Former Ninja militiamen were behind today's unrest in Congo-Brazzaville, attacking an army position and four police stations, a government spokesman has said in a televised statement, AFP news agency reports. 

    The Ninjas were a major anti-government force in the 1997-99 civil war in Congo-Brazzaville, but disbanded after a peace deal was signed in 2003.

    They were loyal to former Prime Minister Bernard Kolelas, the father of Guy-Brice Parfait Kolelas, who stood in the presidential election in March and got 15% of the vote.

    Government spokesman Thierry Moungalla said there was no evidence to suggest that opposition candidates were involved in the attacks, but investigations were under way.

    An aide of Mr Kolelas said he was not involved in the attacks, Reuters news agency reports. 

    The fighting forced thousands of people in opposition strongholds in the capital, Brazzaville, to flee their homes, AFP reports. 

    The Ninjas took their name from the cloaked Japanese warriors. Other rebel groups which previously existed in Congo-Brazzaville included the Cobras, the Mambas and the Zulus.  

  5. Will bloodshed end in Libya?

    Security force member protecting Libyan unity government
    Image caption: Special security forces are protecting the new leaders

    Last week, Libya's UN-backed Presidency Council sailed to the capital Tripoli and set up shop in the navy base.

    They travelled by boat from Tunisia because their rivals in the capital closed the airspace when they tried to fly in. The doomsday scenario of rival militia clashes in Tripoli did not happen.

    So is this just a honeymoon period, or is Libya turning a new page?

    Read BBC North Africa correspondent Rana Jawad's analysis here

  6. SA musician sings about coming out as gay

    Nakhane Mahlakahlaka, popularly known to many as Nakhane Toure, is an award-winning South African singer-songwriter influenced by Mali's Ali Farka Toure.

    His 2014 debut album Brave Confusion saw him being crowned newcomer of the year at the South African Music Awards, and he is now working on a new project with popular South African DJ Black Coffee.

    He has also come out as gay, something which he has addressed in his music.

    The BBC caught up with him in Johannesburg:

    Video content

    Video caption: South Africa musician Nakhane Toure tackles gay themes
  7. Magufuli scraps Union Day celebrations

    Sammy Awami

    BBC Africa, Dar es Salaam

    John Magufuli
    Image caption: Mr Magufuli spent Independence Day picking up rubbish in Dar es Salaam

    Tanzania's President John Magufuli has cancelled celebrations to mark Union Day as part of his cost-cutting efforts. 

    "People should celebrate this day at home or continue with their personal business", said a statement by his office.    

    He said the money government had set aside for the celebrations should be spent on improving roads in Mwanza in north-western Tanzania.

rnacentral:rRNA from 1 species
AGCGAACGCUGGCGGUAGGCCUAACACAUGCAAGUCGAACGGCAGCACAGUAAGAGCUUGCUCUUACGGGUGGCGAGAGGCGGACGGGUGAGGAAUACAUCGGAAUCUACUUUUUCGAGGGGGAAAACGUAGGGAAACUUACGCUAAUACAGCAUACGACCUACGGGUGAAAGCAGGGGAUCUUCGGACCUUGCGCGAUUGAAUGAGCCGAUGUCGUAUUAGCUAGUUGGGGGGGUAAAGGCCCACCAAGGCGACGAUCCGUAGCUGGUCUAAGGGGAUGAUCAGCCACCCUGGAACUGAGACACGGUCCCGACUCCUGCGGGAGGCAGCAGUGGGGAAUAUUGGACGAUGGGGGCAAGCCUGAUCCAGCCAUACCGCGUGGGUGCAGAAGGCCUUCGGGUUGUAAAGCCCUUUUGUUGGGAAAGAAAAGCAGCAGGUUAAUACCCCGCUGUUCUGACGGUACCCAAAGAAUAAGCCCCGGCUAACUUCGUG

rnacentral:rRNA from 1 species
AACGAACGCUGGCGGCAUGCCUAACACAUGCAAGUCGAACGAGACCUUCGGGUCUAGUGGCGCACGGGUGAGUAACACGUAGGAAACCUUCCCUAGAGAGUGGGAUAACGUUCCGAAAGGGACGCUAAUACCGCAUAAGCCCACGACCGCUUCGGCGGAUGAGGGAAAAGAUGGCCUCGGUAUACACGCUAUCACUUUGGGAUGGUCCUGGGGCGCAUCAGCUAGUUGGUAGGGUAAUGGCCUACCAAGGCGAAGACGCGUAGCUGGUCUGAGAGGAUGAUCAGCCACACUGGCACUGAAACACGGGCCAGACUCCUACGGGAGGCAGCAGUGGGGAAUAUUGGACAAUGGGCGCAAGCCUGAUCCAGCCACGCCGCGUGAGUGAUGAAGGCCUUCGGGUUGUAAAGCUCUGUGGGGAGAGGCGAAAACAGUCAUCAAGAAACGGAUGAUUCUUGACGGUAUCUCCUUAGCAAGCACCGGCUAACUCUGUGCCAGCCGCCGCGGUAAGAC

Union Day is marked on 26 April to commemorate the formation of Tanzania in 1964 through the merger of Tanganyika and Zanzibar. 

    Last year, Mr Magufuli scrapped celebrations to mark 54 years of independence from the UK, and led a clean-up campaign instead. 

    Read more: Magufuli 'The Bulldozer'  

  8. BBC team expelled from Djibouti

    A picture taken on March 27, 2016 in Djibouti shows an advertising poster for a book of Djiboutian president Ismaïl Omar Guelleh. Incumbent President Ismail Guelleh will be seeking a fourth term in the presidential election to be held on April 8
    Image caption: The president is seeking a fourth term in office

    The BBC has written to the government of Djibouti to demand why a reporting team was detained for 16 hours and then expelled without explanation. 

    The team, including the BBC’s Africa Security Correspondent Tomi Oladipo, was in Djibouti to prepare reports about next Friday’s election in which President Ismail Omar Guelleh is running for office again. 

    They had been granted media accreditation and advised by the Director of Communications that they had the necessary authorisation to proceed with their work, a BBC Africa statement said. 

    The team had interviewed both the Foreign Minister Mahamoud Ali Youssouf and leading opposition candidate Omar Elmi Khaireh when they were detained by plain-clothed security officials and questioned for eight hours, the statement added. 

    Having been held overnight, without means of communication, they were put on a plane out of the country on Saturday morning without any reason being given, it said. 

    Read: Djibouti profile

  9. Senegal to take Guantanamo Bay prisoners

    Guantanamo Bay
    Image caption: Most people detained at Guantanamo Bay facility have been held without charge

    Senegal has agreed to grant asylum to two Libyans detained in Guantanamo Bay on “humanitarian grounds” and in line with “Senegalese hospitality and Islamic solidarity”, the foreign ministry has said in a statement. 

    The two had been detained without charge for 14 years.  

    The decision follows the “historic decision” by the US government to close down the controversial detention centre, the statement added.